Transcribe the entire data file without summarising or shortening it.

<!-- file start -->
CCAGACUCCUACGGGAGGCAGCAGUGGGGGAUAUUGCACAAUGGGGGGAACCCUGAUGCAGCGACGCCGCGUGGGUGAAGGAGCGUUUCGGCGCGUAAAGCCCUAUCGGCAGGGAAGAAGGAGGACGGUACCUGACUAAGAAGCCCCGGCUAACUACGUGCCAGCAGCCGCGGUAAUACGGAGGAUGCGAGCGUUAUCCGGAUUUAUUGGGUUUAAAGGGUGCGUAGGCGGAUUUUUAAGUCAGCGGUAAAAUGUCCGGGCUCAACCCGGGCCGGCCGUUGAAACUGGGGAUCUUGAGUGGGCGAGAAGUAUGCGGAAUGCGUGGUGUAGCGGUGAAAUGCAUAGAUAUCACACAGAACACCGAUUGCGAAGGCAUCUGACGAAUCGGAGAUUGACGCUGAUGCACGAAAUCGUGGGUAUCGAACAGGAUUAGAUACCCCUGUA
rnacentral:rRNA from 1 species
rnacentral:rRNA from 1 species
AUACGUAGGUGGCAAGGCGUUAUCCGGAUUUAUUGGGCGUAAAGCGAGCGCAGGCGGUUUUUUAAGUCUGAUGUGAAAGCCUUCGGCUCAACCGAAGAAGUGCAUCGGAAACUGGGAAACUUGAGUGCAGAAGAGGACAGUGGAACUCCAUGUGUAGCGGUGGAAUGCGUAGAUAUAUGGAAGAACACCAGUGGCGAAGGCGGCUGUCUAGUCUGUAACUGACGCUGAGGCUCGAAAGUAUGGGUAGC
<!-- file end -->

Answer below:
CCAGACUCCUACGGGAGGCAGCAGUGGGGGAUAUUGCACAAUGGGGGGAACCCUGAUGCAGCGACGCCGCGUGGGUGAAGGAGCGUUUCGGCGCGUAAAGCCCUAUCGGCAGGGAAGAAGGAGGACGGUACCUGACUAAGAAGCCCCGGCUAACUACGUGCCAGCAGCCGCGGUAAUACGGAGGAUGCGAGCGUUAUCCGGAUUUAUUGGGUUUAAAGGGUGCGUAGGCGGAUUUUUAAGUCAGCGGUAAAAUGUCCGGGCUCAACCCGGGCCGGCCGUUGAAACUGGGGAUCUUGAGUGGGCGAGAAGUAUGCGGAAUGCGUGGUGUAGCGGUGAAAUGCAUAGAUAUCACACAGAACACCGAUUGCGAAGGCAUCUGACGAAUCGGAGAUUGACGCUGAUGCACGAAAUCGUGGGUAUCGAACAGGAUUAGAUACCCCUGUA
rnacentral:rRNA from 1 species
rnacentral:rRNA from 1 species
AUACGUAGGUGGCAAGGCGUUAUCCGGAUUUAUUGGGCGUAAAGCGAGCGCAGGCGGUUUUUUAAGUCUGAUGUGAAAGCCUUCGGCUCAACCGAAGAAGUGCAUCGGAAACUGGGAAACUUGAGUGCAGAAGAGGACAGUGGAACUCCAUGUGUAGCGGUGGAAUGCGUAGAUAUAUGGAAGAACACCAGUGGCGAAGGCGGCUGUCUAGUCUGUAACUGACGCUGAGGCUCGAAAGUAUGGGUAGC